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Employees are people, too.

Employees are people, too

Pressures on laboratory managers to reduce costs, increase productivity, and improve turnaround time can damage employee relations and attitudes. Harried managers often feel they can't pause to worry about minimizing employee stress. Employees in the meantime become more frustrated and less productive, creating a Catch 22 situation that may lead to a manager's termination and employee resignations.

How can managers meet administrative demands, respond to employee needs, and retain their sanity? They can begin by taking a lesson from the unhappy employee who scrawled across his time card, "Do not fold, bend, or mutilate. I am a human being.' That message was a reminder that we sometimes let tasks get in the way of human needs. In our zeal to get the work done, we can forget we owe our jobs as managers to our employees. If they do well, we get the credit. If they do not, we are held responsible.

Employees need to be recognized and singled out for praise, even if only for a moment, and managers can never be too busy for this. Making someone feel valuable and important is integral to developing self-motivation. "In Search of Excellence,' by Peters and Waterman, calls this an employee awareness approach.

It may surprise you to learn that employee awareness programs are not new--they were the rage in the 1950s. Afraid that growing unionism would bring socialism to business, employers tried to acquaint workers with the economic and operational systems of their firms. Better educated workers would be more motivated workers, they felt.

Employee awareness programs waned in the 1960s when high productivity levels led managers to think that motivational approaches were no longer needed. The 1970s brought a rude awakening. The nation faced an oil crisis, double-digit inflation, rising interest rates, and high unemployment. Productivity and quality declined rapidly. The health care industry, hit hard by the recession, was hit again in the early 1980s by prospective payment.

But an interesting phenomenon occurred during these traumatic times. High-quality Japanese products, priced attractively, made great inroads in the U.S. Japan's outstanding productivity was attributed to such employee awareness programs as Theory Z and quality circles. American managers realized once again that people were important.

Health care journals and management texts discussed the value of human relations programs. Personnel offices became human resources departments. In-services focused on employee motivation and interpersonal relations. And hospital managements fell under the influence of management by objectives and quality circles.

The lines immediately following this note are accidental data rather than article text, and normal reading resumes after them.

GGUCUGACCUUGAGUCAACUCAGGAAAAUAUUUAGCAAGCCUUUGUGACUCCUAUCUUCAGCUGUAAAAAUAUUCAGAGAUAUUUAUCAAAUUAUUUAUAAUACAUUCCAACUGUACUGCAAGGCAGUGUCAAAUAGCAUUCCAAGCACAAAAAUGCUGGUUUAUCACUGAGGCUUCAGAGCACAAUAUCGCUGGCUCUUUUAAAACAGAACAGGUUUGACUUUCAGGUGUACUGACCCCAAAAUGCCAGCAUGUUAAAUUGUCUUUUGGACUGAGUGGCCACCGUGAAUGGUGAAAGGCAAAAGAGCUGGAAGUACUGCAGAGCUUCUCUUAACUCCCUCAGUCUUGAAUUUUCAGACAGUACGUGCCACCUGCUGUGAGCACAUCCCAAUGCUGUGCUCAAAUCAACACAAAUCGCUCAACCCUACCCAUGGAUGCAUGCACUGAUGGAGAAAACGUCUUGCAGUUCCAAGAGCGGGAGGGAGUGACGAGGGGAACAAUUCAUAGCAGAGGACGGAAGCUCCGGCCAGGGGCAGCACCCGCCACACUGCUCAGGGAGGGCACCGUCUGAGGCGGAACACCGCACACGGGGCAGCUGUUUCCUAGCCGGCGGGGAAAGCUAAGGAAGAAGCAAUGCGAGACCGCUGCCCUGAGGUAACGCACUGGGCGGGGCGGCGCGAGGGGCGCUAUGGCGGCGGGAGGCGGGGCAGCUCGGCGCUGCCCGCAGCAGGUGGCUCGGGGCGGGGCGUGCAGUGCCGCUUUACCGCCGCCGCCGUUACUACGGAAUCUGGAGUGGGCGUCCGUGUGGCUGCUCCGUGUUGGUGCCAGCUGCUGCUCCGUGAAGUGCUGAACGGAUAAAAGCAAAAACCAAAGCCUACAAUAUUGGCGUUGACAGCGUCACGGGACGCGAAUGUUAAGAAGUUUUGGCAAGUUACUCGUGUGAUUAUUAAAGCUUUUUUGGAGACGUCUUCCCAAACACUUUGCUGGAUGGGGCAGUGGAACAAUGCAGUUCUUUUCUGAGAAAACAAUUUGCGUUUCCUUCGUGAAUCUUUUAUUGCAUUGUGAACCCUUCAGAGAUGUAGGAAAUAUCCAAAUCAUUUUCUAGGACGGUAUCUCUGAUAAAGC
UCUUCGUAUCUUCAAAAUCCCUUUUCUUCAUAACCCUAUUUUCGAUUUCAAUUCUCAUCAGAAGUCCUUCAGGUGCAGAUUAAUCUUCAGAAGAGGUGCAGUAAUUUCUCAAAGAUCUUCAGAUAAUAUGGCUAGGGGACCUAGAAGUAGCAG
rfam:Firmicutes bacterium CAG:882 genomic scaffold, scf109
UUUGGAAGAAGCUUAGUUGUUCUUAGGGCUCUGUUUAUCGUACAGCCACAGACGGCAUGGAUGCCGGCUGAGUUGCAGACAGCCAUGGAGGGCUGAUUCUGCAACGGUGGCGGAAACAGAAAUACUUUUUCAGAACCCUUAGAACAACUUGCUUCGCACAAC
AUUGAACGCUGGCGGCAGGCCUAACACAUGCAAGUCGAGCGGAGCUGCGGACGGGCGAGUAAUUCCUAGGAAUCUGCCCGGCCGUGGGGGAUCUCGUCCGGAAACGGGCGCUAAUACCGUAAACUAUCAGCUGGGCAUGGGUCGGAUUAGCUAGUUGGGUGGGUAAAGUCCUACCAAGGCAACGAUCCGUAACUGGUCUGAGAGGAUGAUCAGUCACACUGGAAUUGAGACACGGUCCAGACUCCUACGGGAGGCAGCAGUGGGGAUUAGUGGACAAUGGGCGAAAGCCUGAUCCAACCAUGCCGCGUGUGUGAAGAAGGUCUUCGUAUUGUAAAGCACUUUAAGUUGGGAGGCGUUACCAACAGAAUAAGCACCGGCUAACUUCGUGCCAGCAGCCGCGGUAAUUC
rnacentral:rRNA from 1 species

Today, however, some employee awareness programs take a back seat to cost containment and productivity efforts made necessary by DRGs. Managers must provide high-quality results and meet greater service demands with leaner staffing. In this situation, their top priority should remain people management.

How do you as a manager let your employees know that you feel they are important? You can:

Give them all the responsibility and authority they can handle.

Assign work that is important and can be undertaken with pride.

Take a sincere interest in employees as individuals.

Never belittle or ridicule.

Ask for and listen to advice from employees.

Share information whenever possible.

Show appreciation for employee contributions.

Employee awareness programs are based on the belief that informed and involved employees can make significant contributions to their organizations. As a manager, you can unleash your staff's hidden potential to reach organizational, departmental, and personal goals.
COPYRIGHT 1986 Nelson Publishing
No portion of this article can be reproduced without the express written permission from the copyright holder.
Copyright 1986 Gale, Cengage Learning. All rights reserved.

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Title Annotation:pressures on laboratory managers affect employees
Author:Barros, Annaamarie
Publication:Medical Laboratory Observer
Article Type:column
Date:Apr 1, 1986
Previous Article:A look at packaged microcomputer systems.
Next Article:Congress still intent on fee schedules as budget focus shifts to 1987.

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